We don’t want people to avoid medical care, but avoiding the surgery when possible is a very good idea. You could be at risk of becoming unwell from people that are carrying the virus but are otherwise well. We call this asymptomatic transmission.
Reducing the amount of physical visits to our practice will help us to provide face to face care for things such as wound dressings, childhood immunisations and other medical necessities. If you feel that you require a face-to-face visit with your GP, please call our reception on 02 9680 9644 to discuss this.
A few thoughts on the global Coronavirus pandemic, inspired by some very thoughtful questions from Roz Lindsay from Engage your Healthcare Leadership. Thank you Roz.
These are extraordinarily stressful times. We are clearly amidst a global crisis. It takes an immeasurable amount of energy to keep our fingers on the pulse. We are constantly scanning the media, press and emerging research articles to continue to formulate and revise our approach. Each day is different.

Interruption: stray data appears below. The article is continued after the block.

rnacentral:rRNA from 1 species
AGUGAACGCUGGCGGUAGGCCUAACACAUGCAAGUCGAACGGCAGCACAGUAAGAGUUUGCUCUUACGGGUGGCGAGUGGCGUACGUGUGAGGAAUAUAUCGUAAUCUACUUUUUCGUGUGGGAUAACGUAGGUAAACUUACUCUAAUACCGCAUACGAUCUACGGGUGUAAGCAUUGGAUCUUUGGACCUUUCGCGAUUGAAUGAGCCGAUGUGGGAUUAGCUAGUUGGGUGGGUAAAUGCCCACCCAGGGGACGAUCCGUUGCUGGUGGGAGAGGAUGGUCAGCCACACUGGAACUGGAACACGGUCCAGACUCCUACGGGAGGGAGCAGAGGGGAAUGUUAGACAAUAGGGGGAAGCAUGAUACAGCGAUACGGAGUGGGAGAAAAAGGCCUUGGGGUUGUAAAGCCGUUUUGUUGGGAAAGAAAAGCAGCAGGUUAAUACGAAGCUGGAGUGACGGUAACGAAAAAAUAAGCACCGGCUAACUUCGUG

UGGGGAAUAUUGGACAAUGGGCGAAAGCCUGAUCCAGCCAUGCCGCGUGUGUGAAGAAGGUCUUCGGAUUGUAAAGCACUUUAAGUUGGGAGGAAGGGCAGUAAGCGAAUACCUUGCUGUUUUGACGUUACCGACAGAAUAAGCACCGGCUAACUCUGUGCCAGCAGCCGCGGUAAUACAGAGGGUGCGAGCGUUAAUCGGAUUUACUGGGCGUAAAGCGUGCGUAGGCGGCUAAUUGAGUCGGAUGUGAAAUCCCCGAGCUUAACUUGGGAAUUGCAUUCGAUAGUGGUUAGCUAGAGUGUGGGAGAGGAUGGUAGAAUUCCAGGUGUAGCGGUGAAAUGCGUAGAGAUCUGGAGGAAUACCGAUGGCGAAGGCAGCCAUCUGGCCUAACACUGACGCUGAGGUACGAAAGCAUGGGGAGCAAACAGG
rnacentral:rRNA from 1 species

In most instances, fear is rational and there is good cause for it. We will see a spike in the number of deaths, and need to be very clear that even a day’s delay means that we add to this number.
I urge my colleagues to consider the broader impact this is having on our people. Behavioural psychology dictates that we will do all in our power to maintain a sense of control over each situation we encounter. We also react adversely to any possibility of something being taken away from us. The brawls we see over toilet paper will often relate to both of these basic tenets. This is not the time to judge or criticise. We must understand why certain behaviours occur and modify our environment to address the underlying factors. Naming, shaming and blaming is at best, unhelpful, and at worst, severely harms our nation’s response to this pandemic.